France > Burgundy > Joseph Drouhin Macon-Villages

Joseph Drouhin Macon-Villages

Country: France
Region: Burgundy
Producer: Joseph Drouhin
Grape variety: Chardonnay
Vintage: 2010
Found at: Willow Park Wines and Spirits  (or see Liquor Connect and enter your postal code)
Price: $17.99

About the region
: Although Chardonnay is grown all over the world today, its roots lie in Burgundy. And since the grape variety is named after a village in the Maconnais (one of Burgundy’s sub-regions), let’s visit that region this week. Added benefit: white Burgundy from the Maconnais is considerably cheaper than those from the more famous subregions to its North (such as Meursault). 43 villages in the Maconnais qualify to label their wines as “Macon-Villages”, which generally provide somewhat more complexity, ripeness, and character compared to those labeled as the more generic “Macon”. Chardonnay is a non-aromatic grape variety, which implies that it doesn’t have a very pronounced fruit character: to explore this for yourself, stick your nose in a glass of Chardonnay and then in a glass of Sauvignon Blanc or Riesling and you’ll find that the latter have a much more pronounced, fruity smell. Because it’s non-aromatic, the wine’s character is determined to a large the degree by where the vineyard is situated and choices made by the winemaker (e.g., the use of oak vs. no oak).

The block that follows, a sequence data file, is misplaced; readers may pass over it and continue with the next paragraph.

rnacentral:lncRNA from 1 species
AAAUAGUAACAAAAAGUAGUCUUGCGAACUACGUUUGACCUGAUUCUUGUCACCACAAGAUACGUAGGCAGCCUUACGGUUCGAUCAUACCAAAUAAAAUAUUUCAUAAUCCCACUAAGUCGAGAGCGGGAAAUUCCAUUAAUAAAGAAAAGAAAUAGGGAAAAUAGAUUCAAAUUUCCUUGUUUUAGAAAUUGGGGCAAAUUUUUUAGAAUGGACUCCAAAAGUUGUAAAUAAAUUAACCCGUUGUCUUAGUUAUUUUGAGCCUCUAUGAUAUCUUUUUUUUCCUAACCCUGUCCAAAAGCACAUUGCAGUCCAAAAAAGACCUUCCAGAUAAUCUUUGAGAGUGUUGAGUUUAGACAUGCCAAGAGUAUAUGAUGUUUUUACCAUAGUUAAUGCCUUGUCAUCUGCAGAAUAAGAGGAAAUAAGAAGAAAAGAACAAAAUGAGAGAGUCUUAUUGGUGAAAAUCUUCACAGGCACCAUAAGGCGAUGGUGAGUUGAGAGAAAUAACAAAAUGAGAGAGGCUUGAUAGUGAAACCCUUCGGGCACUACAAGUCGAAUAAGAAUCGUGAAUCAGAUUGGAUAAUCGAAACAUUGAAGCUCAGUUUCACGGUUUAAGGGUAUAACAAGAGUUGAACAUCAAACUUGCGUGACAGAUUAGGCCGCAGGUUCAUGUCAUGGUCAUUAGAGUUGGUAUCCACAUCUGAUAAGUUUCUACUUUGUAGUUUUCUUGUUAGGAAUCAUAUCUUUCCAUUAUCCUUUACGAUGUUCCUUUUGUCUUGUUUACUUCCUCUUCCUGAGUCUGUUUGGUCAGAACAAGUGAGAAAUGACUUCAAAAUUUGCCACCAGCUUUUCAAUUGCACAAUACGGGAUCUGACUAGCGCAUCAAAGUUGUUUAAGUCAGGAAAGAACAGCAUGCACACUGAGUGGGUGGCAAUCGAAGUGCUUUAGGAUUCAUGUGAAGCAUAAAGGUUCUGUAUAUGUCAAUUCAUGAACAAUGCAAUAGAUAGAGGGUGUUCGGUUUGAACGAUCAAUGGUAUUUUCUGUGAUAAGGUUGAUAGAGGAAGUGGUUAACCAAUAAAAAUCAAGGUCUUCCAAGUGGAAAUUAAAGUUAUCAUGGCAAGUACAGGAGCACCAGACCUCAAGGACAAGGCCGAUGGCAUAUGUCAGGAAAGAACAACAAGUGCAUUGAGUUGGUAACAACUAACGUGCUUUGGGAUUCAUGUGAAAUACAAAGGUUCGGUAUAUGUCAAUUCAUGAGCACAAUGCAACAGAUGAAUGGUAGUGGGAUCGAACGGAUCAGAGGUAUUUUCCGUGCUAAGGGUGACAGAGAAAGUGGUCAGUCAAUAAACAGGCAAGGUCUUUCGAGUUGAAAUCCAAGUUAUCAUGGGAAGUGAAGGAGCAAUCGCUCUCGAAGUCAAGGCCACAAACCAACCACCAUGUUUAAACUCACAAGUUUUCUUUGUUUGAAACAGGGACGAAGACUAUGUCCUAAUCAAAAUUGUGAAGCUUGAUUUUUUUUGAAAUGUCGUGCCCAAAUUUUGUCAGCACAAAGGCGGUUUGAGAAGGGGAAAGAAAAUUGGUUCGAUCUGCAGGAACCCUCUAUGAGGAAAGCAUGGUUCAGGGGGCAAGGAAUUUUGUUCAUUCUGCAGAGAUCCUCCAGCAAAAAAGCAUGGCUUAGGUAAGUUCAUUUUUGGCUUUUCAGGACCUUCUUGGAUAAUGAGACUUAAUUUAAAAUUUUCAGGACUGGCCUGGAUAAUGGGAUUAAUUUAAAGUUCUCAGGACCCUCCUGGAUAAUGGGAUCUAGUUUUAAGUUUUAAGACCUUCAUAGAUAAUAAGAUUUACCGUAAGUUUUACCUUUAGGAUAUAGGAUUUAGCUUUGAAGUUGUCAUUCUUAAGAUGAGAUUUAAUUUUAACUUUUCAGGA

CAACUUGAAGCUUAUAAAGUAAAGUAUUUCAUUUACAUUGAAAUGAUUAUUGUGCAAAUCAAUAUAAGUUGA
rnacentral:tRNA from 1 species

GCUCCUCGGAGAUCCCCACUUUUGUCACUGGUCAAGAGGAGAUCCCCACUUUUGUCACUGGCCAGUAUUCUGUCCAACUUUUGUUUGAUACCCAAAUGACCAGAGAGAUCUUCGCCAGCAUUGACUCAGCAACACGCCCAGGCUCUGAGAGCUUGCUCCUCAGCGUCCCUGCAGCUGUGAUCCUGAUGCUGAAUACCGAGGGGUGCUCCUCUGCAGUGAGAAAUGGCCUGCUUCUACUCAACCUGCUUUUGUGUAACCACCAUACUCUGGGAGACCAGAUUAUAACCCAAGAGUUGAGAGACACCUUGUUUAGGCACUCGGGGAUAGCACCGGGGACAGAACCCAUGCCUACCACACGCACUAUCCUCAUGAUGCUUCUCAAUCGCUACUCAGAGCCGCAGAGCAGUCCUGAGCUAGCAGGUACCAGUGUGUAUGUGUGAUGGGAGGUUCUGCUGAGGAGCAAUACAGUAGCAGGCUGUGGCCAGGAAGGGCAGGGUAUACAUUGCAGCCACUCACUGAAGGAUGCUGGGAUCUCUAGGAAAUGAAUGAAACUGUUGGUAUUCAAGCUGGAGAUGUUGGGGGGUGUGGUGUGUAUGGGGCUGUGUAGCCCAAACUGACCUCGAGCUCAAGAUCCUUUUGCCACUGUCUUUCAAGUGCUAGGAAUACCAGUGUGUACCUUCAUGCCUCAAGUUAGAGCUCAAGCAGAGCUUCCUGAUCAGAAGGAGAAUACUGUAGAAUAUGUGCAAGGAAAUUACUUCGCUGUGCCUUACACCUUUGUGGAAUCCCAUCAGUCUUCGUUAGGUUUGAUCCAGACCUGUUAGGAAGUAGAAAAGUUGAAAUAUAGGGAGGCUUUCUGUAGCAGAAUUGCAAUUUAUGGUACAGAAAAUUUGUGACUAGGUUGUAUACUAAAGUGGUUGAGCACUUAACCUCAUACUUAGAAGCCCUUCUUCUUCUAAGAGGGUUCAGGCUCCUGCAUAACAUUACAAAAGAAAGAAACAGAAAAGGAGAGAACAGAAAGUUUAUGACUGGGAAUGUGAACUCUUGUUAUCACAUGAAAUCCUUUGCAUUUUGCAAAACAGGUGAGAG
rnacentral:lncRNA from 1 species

About the wine: Maison Joseph Drouhin is one of the largest producers in Burgundy. They own vineyards all over Burgundy (including parcels in several famous vineyards), as well as source grapes from other growers. They’ve been around for 130 years and are currently run by the fourth generation of the Drouhin family. Their Macon-Villages is made from grapes bought from other growers. After fermentation, the wine is aged in stainless steel for 6 to 8 months. thereby retaining its riper fruit characteristics.

Apple and melon notes dominate on the nose, combined with some subtle straw notes. On the palate there is above-average acidity, the apple and melon notes make a recurrence, as well as some lemon peel and minerality.

In Susanne’s words: Apple-y; tastes gooood.

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